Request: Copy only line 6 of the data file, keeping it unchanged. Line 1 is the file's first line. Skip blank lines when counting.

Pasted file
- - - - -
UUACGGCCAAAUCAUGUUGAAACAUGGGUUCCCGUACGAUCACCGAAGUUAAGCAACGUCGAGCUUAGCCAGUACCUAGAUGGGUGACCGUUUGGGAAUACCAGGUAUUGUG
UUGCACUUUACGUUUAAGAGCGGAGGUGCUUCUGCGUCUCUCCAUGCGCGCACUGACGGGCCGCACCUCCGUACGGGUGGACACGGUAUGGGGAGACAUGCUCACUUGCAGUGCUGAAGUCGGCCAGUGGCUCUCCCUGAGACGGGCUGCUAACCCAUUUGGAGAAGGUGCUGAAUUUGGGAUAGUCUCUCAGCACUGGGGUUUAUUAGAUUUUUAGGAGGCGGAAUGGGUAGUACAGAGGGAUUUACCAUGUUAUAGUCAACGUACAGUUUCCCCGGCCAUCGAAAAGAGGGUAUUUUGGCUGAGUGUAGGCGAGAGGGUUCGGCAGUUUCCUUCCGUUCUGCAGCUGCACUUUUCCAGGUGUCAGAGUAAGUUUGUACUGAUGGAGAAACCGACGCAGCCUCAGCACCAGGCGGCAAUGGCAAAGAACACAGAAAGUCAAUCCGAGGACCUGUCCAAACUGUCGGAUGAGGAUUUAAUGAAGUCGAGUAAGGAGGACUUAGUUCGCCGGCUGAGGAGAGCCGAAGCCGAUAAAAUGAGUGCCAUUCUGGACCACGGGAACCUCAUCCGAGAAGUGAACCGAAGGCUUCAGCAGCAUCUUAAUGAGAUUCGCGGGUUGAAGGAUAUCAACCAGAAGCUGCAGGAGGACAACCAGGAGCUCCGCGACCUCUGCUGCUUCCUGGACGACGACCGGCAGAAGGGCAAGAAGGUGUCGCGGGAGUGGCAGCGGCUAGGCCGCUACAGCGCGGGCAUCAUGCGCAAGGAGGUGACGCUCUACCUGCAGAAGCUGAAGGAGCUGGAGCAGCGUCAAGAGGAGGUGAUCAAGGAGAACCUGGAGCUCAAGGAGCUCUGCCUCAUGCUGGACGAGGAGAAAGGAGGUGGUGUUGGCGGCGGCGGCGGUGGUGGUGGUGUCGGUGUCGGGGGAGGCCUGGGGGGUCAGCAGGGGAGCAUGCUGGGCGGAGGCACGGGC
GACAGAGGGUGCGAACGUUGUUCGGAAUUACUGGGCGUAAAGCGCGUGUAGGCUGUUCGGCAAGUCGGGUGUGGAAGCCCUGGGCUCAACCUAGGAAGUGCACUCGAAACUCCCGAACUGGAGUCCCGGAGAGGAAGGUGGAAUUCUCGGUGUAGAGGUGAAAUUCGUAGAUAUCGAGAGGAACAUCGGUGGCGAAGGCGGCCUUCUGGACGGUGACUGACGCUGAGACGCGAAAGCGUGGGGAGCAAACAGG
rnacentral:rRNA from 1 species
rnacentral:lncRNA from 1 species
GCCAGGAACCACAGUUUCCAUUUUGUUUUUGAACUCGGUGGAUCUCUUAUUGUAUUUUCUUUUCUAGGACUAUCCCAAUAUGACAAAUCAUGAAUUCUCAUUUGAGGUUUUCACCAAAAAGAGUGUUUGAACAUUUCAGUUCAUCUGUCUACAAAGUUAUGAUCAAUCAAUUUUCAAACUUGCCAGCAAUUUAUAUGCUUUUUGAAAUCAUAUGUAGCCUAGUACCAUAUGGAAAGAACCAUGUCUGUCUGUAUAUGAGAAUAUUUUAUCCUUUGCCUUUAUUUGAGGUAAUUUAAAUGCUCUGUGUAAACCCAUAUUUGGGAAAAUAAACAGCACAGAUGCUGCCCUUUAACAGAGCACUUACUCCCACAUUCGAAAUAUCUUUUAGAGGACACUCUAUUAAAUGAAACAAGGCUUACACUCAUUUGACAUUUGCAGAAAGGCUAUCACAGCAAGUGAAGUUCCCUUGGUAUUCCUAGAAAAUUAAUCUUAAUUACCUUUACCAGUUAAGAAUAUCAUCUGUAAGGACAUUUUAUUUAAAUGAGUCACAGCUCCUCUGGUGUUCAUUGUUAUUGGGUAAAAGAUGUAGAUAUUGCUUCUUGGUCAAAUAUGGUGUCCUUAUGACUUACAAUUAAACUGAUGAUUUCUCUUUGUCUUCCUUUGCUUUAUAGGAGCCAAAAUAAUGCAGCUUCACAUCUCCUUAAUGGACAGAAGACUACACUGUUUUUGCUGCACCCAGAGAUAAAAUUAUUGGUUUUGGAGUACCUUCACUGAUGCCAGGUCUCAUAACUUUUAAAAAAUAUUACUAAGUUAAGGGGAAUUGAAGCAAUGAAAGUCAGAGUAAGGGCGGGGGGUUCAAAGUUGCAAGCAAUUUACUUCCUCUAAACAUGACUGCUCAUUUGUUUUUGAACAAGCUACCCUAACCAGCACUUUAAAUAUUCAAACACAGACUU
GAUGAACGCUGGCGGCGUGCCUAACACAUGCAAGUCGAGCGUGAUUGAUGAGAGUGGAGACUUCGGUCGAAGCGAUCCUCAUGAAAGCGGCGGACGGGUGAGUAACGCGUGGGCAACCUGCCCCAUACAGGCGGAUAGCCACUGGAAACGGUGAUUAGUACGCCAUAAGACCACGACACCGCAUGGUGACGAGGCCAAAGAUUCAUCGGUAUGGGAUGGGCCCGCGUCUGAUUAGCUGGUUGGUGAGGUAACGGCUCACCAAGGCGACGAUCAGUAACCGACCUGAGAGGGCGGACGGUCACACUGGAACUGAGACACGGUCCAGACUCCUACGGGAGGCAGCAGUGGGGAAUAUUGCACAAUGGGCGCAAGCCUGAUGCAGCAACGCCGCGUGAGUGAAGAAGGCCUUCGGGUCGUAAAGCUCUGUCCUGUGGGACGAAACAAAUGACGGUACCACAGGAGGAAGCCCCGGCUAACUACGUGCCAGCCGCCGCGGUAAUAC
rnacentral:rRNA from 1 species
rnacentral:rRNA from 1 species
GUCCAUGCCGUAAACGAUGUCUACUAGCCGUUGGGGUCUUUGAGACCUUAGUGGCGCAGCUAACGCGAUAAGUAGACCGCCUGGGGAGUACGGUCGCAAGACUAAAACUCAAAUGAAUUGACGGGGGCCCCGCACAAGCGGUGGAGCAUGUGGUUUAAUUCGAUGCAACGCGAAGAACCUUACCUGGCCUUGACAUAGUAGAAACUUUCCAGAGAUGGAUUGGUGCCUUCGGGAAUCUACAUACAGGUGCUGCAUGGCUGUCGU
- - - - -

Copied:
GCCAGGAACCACAGUUUCCAUUUUGUUUUUGAACUCGGUGGAUCUCUUAUUGUAUUUUCUUUUCUAGGACUAUCCCAAUAUGACAAAUCAUGAAUUCUCAUUUGAGGUUUUCACCAAAAAGAGUGUUUGAACAUUUCAGUUCAUCUGUCUACAAAGUUAUGAUCAAUCAAUUUUCAAACUUGCCAGCAAUUUAUAUGCUUUUUGAAAUCAUAUGUAGCCUAGUACCAUAUGGAAAGAACCAUGUCUGUCUGUAUAUGAGAAUAUUUUAUCCUUUGCCUUUAUUUGAGGUAAUUUAAAUGCUCUGUGUAAACCCAUAUUUGGGAAAAUAAACAGCACAGAUGCUGCCCUUUAACAGAGCACUUACUCCCACAUUCGAAAUAUCUUUUAGAGGACACUCUAUUAAAUGAAACAAGGCUUACACUCAUUUGACAUUUGCAGAAAGGCUAUCACAGCAAGUGAAGUUCCCUUGGUAUUCCUAGAAAAUUAAUCUUAAUUACCUUUACCAGUUAAGAAUAUCAUCUGUAAGGACAUUUUAUUUAAAUGAGUCACAGCUCCUCUGGUGUUCAUUGUUAUUGGGUAAAAGAUGUAGAUAUUGCUUCUUGGUCAAAUAUGGUGUCCUUAUGACUUACAAUUAAACUGAUGAUUUCUCUUUGUCUUCCUUUGCUUUAUAGGAGCCAAAAUAAUGCAGCUUCACAUCUCCUUAAUGGACAGAAGACUACACUGUUUUUGCUGCACCCAGAGAUAAAAUUAUUGGUUUUGGAGUACCUUCACUGAUGCCAGGUCUCAUAACUUUUAAAAAAUAUUACUAAGUUAAGGGGAAUUGAAGCAAUGAAAGUCAGAGUAAGGGCGGGGGGUUCAAAGUUGCAAGCAAUUUACUUCCUCUAAACAUGACUGCUCAUUUGUUUUUGAACAAGCUACCCUAACCAGCACUUUAAAUAUUCAAACACAGACUU